Main Menu

Club teaches international leaders

Twitter
Visit Us
INSTAGRAM
Speaker Randy Powell said social media can play a big role in today’s job market during the Toastmasters Fall Extravaganza event Saturday in the Campus Center Ballroom. The meeting brought members from districts across Southern California. Toastmasters’ goal is to help members improve their public speaking, communication and leadership skills. The University of La Verne’s Toastmasters club meets 5:30 p.m. every first and third Tuesdays of the month in the President’s Dining Room./ photo by Taylor Griffith

Speaker Randy Powell said social media can play a big role in today’s job market during the Toastmasters Fall Extravaganza event Saturday in the Campus Center Ballroom. The meeting brought members from districts across Southern California. Toastmasters’ goal is to help members improve their public speaking, communication and leadership skills. The University of La Verne’s Toastmasters club meets 5:30 p.m. every first and third Tuesdays of the month in the President’s Dining Room./ photo by Taylor Griffith

Jocelyn Arceo
Staff Writer

The University of La Verne’s Toastmasters club helped organize an international conference, “Fall Extravaganza: Pathway 2 Your Future,” Saturday in the Campus Center Ballroom.

Toastmasters International is an organization that helps build stronger communicators and leaders across 141 countries through global conferences and clubs.

“One word can change everything,” keynote speaker Josephine Lee said.

“It has the power to start and end wars, it has the power to marginalize or liberate an entire group of people, and it has the power to change our lives because it has the power to change our perspective.”

The conference focused on Lee, who won third place in the World Championship of Public Speaking, rising above 35,000 other contestants.

Lee is a 2010 USC graduate with a degree in communications, and joined Toastmasters International to further her education in the field.

Lee was the first Korean woman to ever place third in the World Championship of Public Speaking.

Fresh out of college, she was ready to start her career and applied to as many places as she could.

She said that unfortunately she never heard back from anywhere she applied.

Lee added that she was struggling to find work, and lost ambition as more and more rejections came her way.

“I was angry at my situation, I was angry at the economy and I was angry that my entire life people told me that all I had to do was follow a series of steps, and that would lead me to success,” Lee said. “I did everything I was supposed to, I just didn’t understand how I got stuck.”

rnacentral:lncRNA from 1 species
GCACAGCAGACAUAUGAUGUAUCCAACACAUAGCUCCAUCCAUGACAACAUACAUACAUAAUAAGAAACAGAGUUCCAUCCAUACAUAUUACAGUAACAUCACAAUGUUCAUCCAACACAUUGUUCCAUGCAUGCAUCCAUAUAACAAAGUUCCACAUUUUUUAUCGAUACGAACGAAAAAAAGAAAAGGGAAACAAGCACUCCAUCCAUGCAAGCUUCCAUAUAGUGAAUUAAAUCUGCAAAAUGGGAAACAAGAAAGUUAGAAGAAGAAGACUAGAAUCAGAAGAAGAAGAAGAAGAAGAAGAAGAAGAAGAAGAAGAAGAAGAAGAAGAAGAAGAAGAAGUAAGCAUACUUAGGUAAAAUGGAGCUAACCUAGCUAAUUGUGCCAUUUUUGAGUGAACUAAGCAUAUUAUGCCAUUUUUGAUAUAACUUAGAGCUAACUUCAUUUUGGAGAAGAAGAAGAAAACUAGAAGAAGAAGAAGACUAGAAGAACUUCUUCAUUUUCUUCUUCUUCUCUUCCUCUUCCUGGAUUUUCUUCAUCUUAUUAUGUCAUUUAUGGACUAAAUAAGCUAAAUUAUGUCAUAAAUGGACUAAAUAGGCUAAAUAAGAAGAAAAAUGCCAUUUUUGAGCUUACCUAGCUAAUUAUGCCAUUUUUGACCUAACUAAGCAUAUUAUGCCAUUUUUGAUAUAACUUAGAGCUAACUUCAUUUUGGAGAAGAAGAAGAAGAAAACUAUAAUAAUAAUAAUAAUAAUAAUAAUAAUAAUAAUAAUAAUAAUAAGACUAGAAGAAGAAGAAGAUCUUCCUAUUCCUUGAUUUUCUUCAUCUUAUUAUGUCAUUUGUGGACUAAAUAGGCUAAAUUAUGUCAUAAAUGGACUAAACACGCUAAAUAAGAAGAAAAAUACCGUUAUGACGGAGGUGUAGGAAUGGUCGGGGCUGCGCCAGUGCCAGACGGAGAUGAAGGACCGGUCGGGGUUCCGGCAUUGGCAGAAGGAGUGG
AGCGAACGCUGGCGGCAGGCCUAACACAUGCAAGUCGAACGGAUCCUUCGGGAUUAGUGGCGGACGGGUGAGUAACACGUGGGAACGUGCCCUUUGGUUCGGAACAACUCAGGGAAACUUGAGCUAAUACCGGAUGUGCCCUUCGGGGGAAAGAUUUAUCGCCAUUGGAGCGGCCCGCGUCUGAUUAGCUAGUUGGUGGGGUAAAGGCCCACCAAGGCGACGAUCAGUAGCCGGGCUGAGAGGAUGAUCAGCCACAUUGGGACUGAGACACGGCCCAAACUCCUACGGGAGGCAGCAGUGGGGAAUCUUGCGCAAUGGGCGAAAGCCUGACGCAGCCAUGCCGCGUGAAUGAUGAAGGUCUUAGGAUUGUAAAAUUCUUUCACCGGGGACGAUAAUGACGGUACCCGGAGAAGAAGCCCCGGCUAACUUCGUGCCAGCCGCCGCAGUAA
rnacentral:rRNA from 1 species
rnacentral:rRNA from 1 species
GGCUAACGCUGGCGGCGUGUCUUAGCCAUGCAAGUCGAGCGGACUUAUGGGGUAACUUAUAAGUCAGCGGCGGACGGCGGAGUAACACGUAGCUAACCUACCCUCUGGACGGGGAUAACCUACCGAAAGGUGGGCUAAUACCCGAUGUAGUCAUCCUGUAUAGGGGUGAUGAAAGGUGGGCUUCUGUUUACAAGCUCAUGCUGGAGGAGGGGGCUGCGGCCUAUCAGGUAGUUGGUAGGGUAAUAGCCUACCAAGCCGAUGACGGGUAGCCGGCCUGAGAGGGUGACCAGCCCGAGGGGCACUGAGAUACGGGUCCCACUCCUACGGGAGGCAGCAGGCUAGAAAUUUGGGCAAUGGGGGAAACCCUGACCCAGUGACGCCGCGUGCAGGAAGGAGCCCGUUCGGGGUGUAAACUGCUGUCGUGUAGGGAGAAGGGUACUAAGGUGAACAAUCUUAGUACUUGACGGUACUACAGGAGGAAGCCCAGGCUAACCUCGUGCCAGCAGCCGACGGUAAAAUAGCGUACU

At that point she turned to her parents, who owned multiple businesses while she was growing up, for advice.

“They showed me a new perspective, that maybe I shouldn’t see this as a failure, but that I should see this as an opportunity to do something different,” Lee said.

With that advice in mind, she spent the following six months starting up a business that sold ballet shoes, which has now been transformed into a successful nation-wide company that allows her to travel the world doing what she loves.

“We can’t always change what we’re given in life, we can’t always change our situations or circumstances, but what we can change is our perspective,” Lee said.

After Lee’s speech on her pathway to success, Kent Peterson and Randy Powell, two members of Toastmasters International, gave a presentation on the importance of the mentoring program offered by the organization.

“Mentoring is extremely important and in Toastmasters we designate people to be mentors,” Peterson said.

“But everybody is not meant to be a mentor. We lose toastmasters who do not have the right mentors here and it is so important that we keep these individuals and help them learn along the way.”

With this acknowledgment made by Peterson during the event, it led to some “food for thought” from Powell, his partner in the presentation.

“If change is about to come, and pathways are our guide to changing, maybe we ought to consider…” Powell said.

“Since mentoring is so important perhaps we should shed designation and maybe we should start asking people ‘do you want to mentor’ and ‘do you understand what mentoring is,’” Powell said.

With this said, the presentation led to how Toastmasters International acknowledges that there should be more growth in the process.

This would ensure that mentoring is being executed in a more efficient way as to not lose any new members of the organization.

At the end of the event, alumna Mora Zheng said she was able to leave with something new from the speech that Lee had given.

“She is just so confident in what she does and how she speaks,” Zheng said.

“I have trouble with public speaking but seeing her do it so confidently was very interesting.”

The Toastmasters club meets from 5:30 p.m. to 7 p.m. on the first and third Tuesdays of every month.

Jocelyn Arceo can be reached at jocelyn.arceo@laverne.edu.

Twitter
Visit Us
INSTAGRAM

, , , , , , ,

Comments are closed.